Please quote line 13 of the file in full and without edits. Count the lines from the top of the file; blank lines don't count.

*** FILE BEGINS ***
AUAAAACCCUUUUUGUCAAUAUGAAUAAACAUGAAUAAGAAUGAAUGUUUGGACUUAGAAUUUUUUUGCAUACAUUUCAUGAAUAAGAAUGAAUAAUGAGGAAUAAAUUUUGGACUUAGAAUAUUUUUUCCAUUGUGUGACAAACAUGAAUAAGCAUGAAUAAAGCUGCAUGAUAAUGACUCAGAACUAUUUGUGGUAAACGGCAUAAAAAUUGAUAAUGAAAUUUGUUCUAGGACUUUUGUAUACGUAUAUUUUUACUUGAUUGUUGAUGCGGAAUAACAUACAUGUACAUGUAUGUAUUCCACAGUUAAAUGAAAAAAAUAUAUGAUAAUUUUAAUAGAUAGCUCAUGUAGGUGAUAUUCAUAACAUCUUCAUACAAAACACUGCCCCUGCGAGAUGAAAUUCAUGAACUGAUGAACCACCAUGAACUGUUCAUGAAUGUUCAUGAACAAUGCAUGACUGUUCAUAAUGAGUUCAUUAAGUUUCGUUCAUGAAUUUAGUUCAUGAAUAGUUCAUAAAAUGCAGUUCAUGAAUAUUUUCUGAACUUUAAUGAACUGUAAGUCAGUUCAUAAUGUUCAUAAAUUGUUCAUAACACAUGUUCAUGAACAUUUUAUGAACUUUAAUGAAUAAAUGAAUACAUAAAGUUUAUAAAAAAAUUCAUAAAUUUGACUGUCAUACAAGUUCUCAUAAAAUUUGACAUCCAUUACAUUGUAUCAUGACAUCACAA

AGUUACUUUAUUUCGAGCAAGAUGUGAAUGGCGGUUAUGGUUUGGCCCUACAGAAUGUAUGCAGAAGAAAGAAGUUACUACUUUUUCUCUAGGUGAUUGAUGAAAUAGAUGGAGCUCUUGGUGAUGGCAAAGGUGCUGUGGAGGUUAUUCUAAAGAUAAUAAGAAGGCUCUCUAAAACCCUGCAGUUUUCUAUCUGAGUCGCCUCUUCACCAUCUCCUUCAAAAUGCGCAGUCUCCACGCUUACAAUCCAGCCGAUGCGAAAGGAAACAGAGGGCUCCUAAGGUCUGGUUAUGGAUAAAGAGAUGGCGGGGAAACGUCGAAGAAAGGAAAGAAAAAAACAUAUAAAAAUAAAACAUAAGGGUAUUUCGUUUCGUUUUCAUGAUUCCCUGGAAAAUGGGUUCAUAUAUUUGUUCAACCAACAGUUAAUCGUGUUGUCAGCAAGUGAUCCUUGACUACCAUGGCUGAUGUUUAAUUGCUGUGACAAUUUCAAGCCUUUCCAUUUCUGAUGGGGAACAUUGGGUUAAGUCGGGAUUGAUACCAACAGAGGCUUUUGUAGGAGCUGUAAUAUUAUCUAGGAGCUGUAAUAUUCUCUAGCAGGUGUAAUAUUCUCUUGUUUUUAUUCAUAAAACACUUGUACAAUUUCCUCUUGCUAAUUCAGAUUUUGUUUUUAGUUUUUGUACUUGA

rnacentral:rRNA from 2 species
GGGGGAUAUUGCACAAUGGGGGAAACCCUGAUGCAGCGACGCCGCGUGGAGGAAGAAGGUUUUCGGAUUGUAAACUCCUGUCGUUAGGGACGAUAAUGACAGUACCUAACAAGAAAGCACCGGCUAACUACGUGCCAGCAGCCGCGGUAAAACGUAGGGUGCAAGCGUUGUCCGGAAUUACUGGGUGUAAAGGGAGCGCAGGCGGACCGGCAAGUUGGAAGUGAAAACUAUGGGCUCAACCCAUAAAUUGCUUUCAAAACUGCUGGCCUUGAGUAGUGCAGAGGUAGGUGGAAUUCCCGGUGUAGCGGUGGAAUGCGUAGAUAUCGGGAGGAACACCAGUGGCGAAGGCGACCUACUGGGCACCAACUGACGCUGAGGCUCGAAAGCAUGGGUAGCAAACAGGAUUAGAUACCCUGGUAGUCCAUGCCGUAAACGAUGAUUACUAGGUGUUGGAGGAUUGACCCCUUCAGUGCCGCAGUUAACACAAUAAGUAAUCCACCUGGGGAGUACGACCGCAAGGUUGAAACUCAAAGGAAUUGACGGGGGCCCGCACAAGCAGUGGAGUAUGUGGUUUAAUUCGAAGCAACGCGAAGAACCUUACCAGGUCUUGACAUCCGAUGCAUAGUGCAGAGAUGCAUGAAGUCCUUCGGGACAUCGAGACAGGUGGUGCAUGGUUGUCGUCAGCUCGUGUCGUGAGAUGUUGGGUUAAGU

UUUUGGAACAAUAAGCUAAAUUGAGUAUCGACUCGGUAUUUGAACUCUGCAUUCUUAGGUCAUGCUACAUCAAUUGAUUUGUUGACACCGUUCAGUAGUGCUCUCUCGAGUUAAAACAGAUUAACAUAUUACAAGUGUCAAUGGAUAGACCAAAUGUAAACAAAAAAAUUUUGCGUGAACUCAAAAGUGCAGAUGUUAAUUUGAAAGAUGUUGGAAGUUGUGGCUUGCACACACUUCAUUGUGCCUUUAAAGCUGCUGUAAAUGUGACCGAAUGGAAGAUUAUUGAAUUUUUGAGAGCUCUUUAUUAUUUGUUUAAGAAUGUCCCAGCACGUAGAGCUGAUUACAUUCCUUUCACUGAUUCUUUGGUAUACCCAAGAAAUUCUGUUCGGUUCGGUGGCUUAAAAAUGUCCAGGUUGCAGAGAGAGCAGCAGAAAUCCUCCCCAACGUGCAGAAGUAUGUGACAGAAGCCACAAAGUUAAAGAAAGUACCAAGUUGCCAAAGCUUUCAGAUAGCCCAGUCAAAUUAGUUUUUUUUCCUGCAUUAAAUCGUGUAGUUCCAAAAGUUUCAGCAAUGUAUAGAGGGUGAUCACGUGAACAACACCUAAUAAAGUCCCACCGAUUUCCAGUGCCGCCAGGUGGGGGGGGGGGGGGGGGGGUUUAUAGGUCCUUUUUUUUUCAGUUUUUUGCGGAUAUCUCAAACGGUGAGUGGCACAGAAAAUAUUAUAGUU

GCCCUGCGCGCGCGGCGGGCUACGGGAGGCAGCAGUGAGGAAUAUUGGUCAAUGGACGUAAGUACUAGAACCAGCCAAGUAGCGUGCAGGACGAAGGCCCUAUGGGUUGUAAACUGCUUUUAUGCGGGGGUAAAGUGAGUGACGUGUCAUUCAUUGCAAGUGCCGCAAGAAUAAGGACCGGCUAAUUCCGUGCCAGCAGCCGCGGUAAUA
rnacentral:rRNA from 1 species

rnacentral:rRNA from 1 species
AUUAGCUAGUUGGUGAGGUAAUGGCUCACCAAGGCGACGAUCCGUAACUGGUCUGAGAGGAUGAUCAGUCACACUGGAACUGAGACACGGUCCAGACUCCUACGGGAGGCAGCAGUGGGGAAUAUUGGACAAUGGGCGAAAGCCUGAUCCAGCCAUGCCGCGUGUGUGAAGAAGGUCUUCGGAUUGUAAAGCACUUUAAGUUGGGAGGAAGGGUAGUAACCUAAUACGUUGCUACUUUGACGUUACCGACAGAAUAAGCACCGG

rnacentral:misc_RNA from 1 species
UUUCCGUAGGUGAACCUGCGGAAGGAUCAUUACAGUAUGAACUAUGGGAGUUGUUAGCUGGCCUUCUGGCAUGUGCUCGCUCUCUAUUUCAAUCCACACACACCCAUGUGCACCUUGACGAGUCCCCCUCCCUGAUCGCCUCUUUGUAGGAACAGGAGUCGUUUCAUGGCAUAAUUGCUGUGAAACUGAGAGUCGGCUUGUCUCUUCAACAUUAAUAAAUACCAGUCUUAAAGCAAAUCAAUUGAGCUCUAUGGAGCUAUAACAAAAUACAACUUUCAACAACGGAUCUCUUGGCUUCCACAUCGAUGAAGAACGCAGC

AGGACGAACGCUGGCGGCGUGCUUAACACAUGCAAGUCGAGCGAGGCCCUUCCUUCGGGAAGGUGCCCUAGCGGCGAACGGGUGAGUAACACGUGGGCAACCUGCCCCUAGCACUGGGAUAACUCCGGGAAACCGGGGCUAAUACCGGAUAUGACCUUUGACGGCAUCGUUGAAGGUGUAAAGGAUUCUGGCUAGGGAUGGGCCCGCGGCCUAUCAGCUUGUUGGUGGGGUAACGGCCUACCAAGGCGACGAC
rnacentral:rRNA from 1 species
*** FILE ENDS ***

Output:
rnacentral:rRNA from 1 species